RFID v/s Barcoding (or both)
RFID bar code technology
By Ben Townsend
RFID! Very few acronyms create the kind of buzz that these four letters are generating in so many industries. If you are in charge of a property and evidence room, RFID is knocking at the door. Radio Frequency IDentification is a technology that already has an impact on most of the things you do on a day to day basis.
Wikipedia describes RFID as: An automatic identification method, relying on storing and remotely retrieving data using devices called RFID tags or transponders. An RFID tag is an object that can be attached to or incorporated into a product, animal, or person for the purpose of identification using radio waves. All RFID tags contain at least two parts. The first is an integrated circuit for storing and processing information, modulating and demodulating a radio frequency (RF) signal and perhaps other specialized functions. The second is an antenna for receiving and transmitting the signal. The RFID tag can automatically be read from several meters away and does not have to be in the line of sight of the reader. The current thrust in RFID use is in supply chain management for large enterprises. RFID increases the speed and accuracy with which inventory can be tracked and managed thereby saving money for the business.
My favorite potential solution is one that is still in the works. Imagine that you go to the grocery store one day and bag your own items as you walk through the store. When you head to the check out, you simply run the cart under a scanner and it instantly knows the exact sum of the prices for all the items in your cart. Check out lines will go from a 10 to 15 minute wait, in some cases, to less than 30 seconds. This will only be possible when every item in every store contains an RFID chip.
Wikipedia.org further explains “One of the key differences between RFID and bar code technology is RFID eliminates the need for line-of-sight reading that bar coding depends on. Also, RFID scanning can be done at greater distances than bar code scanning. High frequency RFID systems (850 MHz to 950 MHz and 2.4 GHz to 2.5 GHz) offer transmission ranges of more than 90 feet”.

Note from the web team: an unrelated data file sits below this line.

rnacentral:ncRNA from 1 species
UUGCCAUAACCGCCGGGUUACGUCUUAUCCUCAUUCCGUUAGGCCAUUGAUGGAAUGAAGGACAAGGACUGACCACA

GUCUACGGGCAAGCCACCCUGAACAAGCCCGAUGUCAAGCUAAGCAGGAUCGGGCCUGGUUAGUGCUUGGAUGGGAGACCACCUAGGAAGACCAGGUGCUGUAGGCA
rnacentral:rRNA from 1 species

RFID received a major boost when Wal-Mart and the Department of Defense mandated that every item from every vendor contain one of these unique RFID labels. This technology makes perfect sense for Wal-Mart. Why unpack a truck full of goods to get a count on each item when you could run the truck through a scanner and get an accurate count on the items in that truck. You can imagine how much time this saves in the shipping process.
The primary purpose of RFID is to reduce the amount of time that it takes to perform a transaction. In the examples above you can imagine how much time it saves in performing any one of those functions.
Now for the big question: Does RFID have a place in the evidence room? I would state that is does not, but you need to understand the plusses and minuses in order to come to your own conclusion. Bar-coding, much like RFID, is meant to speed up the process of performing transactions on an item. As stated earlier, the drawback to bar-coding is that line of sight is required to perform a transaction on an item. The primary reason for implementing RFID is to remove the line of sight requirement, thus allowing for faster processing. Processing 50 items with a bar-code reader could easily take several minutes, but RFID will complete the same transactions in 3 seconds or less.
If you currently use a bar-coding system for tracking your evidence, you understand how bar-codes facilitate your use of the system. It is very important to understand what a bar-code does because RFID is touted to be a superior replacement to the bar-code in these key areas.
I am a proponent of RFID, but in the evidence room there are some real problems with an RFID solution. First and foremost, in the evidence process, line of sight of an item or tag is critical. Accuracy is paramount to speed. For example, an officer comes to you and wants to check out 50 items for court. You retrieve the box from the shelf and give it to the officer. Are you going to check out each item one at a time and review each item or are you going to wave an RFID reader over the box and assume that the contents of that box are correct? When you check out those items it should be your intent that the items being turned over are accurate and listed correctly. You can only get an accurate listing when you have viewed each item being checked out. The bar-code solution forces you to scan each item one at time and in doing so, inspect each package. At the very least you will know if a package has been tampered with. The point of RFID is to remove the line of sight and consequently the accuracy in your check in / out is diminished. There is simply no way to use RFID to check an item in or out if one of your requirements is accuracy. Bar-coding is a much better solution in this area.